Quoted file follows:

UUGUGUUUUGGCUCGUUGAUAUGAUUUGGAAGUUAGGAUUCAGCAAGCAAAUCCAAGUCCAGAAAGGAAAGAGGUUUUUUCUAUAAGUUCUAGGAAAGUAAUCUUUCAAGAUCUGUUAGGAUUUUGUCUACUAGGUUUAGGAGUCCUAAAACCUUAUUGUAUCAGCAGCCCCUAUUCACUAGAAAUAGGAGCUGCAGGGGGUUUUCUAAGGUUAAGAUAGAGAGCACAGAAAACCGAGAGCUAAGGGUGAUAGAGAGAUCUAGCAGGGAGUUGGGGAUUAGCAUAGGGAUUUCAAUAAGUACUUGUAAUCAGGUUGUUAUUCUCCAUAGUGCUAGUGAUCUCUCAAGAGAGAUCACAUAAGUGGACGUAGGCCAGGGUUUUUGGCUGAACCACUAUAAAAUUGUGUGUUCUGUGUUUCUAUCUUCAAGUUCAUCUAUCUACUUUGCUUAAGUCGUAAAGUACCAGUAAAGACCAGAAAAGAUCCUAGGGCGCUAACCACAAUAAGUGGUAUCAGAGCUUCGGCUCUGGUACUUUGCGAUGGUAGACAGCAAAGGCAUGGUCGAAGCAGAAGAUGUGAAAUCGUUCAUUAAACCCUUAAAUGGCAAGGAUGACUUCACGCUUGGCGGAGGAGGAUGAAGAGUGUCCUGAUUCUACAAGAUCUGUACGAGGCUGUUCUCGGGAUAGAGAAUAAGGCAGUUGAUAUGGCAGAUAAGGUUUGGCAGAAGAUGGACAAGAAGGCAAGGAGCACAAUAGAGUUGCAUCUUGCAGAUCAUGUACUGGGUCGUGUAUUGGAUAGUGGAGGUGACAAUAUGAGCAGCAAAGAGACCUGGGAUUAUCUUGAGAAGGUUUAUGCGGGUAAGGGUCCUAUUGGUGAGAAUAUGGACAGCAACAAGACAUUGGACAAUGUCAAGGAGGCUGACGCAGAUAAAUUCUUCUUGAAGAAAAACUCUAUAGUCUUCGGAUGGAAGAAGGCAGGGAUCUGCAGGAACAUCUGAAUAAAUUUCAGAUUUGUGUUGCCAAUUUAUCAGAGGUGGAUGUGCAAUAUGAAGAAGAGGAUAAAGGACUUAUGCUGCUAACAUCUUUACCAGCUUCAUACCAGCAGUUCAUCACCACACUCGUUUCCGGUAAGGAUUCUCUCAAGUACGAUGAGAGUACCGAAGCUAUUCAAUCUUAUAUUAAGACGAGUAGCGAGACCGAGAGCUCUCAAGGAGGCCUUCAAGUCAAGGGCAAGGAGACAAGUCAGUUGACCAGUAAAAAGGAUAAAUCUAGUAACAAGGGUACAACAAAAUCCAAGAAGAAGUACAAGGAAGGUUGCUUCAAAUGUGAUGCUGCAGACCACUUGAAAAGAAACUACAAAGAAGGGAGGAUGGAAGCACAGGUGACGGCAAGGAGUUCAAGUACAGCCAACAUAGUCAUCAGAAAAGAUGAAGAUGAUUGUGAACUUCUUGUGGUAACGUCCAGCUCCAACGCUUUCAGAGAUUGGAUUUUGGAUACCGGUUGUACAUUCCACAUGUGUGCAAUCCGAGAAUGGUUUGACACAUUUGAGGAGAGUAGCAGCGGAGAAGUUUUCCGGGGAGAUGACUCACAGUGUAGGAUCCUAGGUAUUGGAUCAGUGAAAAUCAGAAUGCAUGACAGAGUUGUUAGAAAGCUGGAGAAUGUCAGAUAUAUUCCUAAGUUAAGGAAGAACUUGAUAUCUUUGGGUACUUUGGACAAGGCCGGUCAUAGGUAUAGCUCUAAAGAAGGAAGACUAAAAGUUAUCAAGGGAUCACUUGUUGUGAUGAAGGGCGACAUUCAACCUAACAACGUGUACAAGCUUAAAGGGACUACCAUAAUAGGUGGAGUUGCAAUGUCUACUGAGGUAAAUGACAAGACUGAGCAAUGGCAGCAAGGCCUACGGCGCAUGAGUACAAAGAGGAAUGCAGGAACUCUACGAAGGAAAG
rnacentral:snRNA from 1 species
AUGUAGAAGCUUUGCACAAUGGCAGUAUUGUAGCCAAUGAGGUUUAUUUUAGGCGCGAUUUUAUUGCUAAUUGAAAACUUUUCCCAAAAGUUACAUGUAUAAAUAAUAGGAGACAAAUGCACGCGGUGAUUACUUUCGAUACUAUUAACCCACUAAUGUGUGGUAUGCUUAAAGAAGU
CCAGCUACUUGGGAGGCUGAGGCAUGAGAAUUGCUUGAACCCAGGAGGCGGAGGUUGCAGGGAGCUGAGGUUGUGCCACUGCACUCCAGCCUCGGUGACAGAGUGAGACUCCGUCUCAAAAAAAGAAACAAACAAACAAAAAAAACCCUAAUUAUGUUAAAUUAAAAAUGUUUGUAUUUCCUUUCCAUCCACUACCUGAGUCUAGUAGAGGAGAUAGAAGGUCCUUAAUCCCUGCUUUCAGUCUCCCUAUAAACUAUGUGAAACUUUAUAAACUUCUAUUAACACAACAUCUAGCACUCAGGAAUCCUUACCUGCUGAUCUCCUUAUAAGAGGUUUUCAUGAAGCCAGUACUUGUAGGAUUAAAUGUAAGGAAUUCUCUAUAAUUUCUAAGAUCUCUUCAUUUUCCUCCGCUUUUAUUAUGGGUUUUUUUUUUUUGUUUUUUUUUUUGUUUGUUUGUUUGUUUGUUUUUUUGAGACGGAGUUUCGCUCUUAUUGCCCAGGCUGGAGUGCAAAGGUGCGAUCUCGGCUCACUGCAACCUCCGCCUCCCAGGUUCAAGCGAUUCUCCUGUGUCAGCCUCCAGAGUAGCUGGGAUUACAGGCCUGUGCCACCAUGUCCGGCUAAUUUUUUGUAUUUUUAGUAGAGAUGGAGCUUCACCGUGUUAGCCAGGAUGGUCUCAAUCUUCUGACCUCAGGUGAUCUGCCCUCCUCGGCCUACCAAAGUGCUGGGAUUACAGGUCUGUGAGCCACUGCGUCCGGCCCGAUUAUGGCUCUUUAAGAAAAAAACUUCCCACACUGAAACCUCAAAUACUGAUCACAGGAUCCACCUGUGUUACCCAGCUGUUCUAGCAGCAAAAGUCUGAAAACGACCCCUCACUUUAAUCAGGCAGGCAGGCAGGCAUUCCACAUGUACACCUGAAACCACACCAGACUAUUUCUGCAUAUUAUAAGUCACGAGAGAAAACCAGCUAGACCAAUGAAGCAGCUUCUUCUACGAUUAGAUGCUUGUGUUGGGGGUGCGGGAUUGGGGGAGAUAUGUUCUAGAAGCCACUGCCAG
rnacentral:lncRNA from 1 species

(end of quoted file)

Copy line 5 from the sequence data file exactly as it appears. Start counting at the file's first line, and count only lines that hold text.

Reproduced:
rnacentral:lncRNA from 1 species